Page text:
Towards the end of 2023 an opportunity arose to spend ten days on a landscape photography trip. Keen as ever, our boy joined me, and we set off in high spirits, the open road ahead of us and that awesome feeling of freedom and endless photographic possibilities.
Unfortunately we were plagued by the landscape photographer's nemesis, empty blue skies. The whole journey was one bright sunny day after another. I understand most would actually enjoy such fortunes, but for me clouds are like icing on a cake when it comes to landscape photographs, particularly big vistas.
We headed down to Mornington Peninsula south of Melbourne, and did a pre-dawn hike into Bush Rangers bay to have another go at a composition I had been working on atop a rocky outcrop. The light, as I said, did not play ball, but at least we did not get cut off by the tide and have to wade through an icy ocean to affect our escape. Memories of that outcome from last time had me triple checking the tide chart. On this occasion our feet stayed dry, but the image was a bust without clouds. (If anyone else is attempting this scene, please be mindful of the delicate plants).
From here we drove into Wilsons Promontory and spent a day hiking about. The day started with a dawn shoot at Tidal River footbridge, but it was so windy that nothing could be shot, and the sunset on the beach of Norman Bay, whilst pretty with Mt Oberon behind it, did not excite me without clouds. That said, we had a great time trying. Wilsons Prom really is the jewel in the crown and popular for a reason.
We captured what we could and then drove on, all the way to Bemm River in the far east of Victoria. A sleepy little fishing town, remote and tiny, sounded just the ticket, but a dawn spent milling around a little pier covered in bird poo, in the hopes of nice light, came to nothing. At least nothing photographically. In terms the experience it was quite enjoyable with a wealth of bird life all around us and the morning to ourselves. Pelicans, cormorants, magpies and more, sang, swooped and surrounded us as the sun rose casting golden light and warming our souls.
Needing a win, I decided to head north to Bermagui, a place that has never failed to deliver the goods. This time was no exception. We turned up in the afternoon, too tired to do much but wander down to the beach. Amazingly that decision proved to be a fortunate one as the light, finally, gave us something special. The image of Bermagui Main Beach under soft pastel hues resulted.
In the morning we walked through the dark and got into position in front of Camel Rock. Spying clouds in the sky was a rare treat on this trip and had me excited to see what sunrise might bring. The tide was low, offering a variety of foreground options, but it was a gorgeous vibrant blue rock pool that caught my eye. Incredibly rich warm colours in the sky reflected in this little pool creating the most wonderful blue/orange contrast, just as direct golden light spot lit Camel Rock. What a cracker of a scene!
Over the next few days we drove all the way south-west back through coastal Victoria, hunting for new locations to photograph. Whilst we turned up for every sunrise and sunset, nothing came of it but more empty cloudless skies. Finally, towards the end of the journey we found ourselves in the seaside city of Warrnambool, staring at a promising forecast for the following morning. The area has quite a few coastal scenes worth photographing, but most require a specific tide level, so instead we decided to opt for Hopkins Falls.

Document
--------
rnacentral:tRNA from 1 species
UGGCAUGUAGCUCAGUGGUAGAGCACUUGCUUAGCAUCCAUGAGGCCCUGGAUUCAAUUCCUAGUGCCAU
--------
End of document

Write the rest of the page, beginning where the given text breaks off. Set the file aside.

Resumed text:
At 90 metres, Hopkins Falls is one of the widest waterfalls in Victoria, thus presenting something of a challenge to compose. We stalked around in the dark of pre-dawn using torches to try and find a good spot. For once the forecast was accurate and the sky ignited with an amazingly colourful display, though only for short span of five minutes. Ample time, however, to capture the magenta-yellow image in this series. I love the way a slightly long exposure depicts the water movement, swirling around in circles before heading downstream.
On our last day we decided to spend the morning at Beauchamp Falls. Having photographed these falls so many times I have long since lost count, my expectations during this visit where quite low. The sky was blue and cloudless yet again, which generally speaking are the worst conditions for waterfalls as it can cause overly bright dappled light with harsh shadows. Most photographers wait until overcast days, but on this trip clouds had been non-existent for many days, so we hiked in anyway.
Incredibly that direct sunlight I had been trying to avoid, decided to offer something quite special. Caught by the water spray from the falls, it beamed into the scene, dancing across the misty air and creating the most fantastic streaming light rays. I started on one side of the river, and as the sun rose, moved into the centre and then eventually onto the opposite bank, doing everything I could to maximise the amazing conditions. What a morning!
I should also mention an earlier trip, being a late winter hike I made up to Mt Bogong under a heavy snow cover. From Mountain Creek Campground I took the steep Staircase Spur trail, a challenging route and a serious undertaking particularly in winter when whiteout conditions are common. Originally I had hope to make it all the way to Cleve Cole Hut, but unfortunately the summit area proved way too windy and dangerous, so I aborted and hiked back down. On the decent I was able to capture an image of Bivouac Hut, as a consolation prize. I will be back up to try again another year, though carrying less camera gear and watching that wind forecast more carefully.
Right so, that is it for now. If you made it this far, thanks for reading and I hope you also find a little adventure in nature, or at least a quiet moment of peace under some trees to de-stress.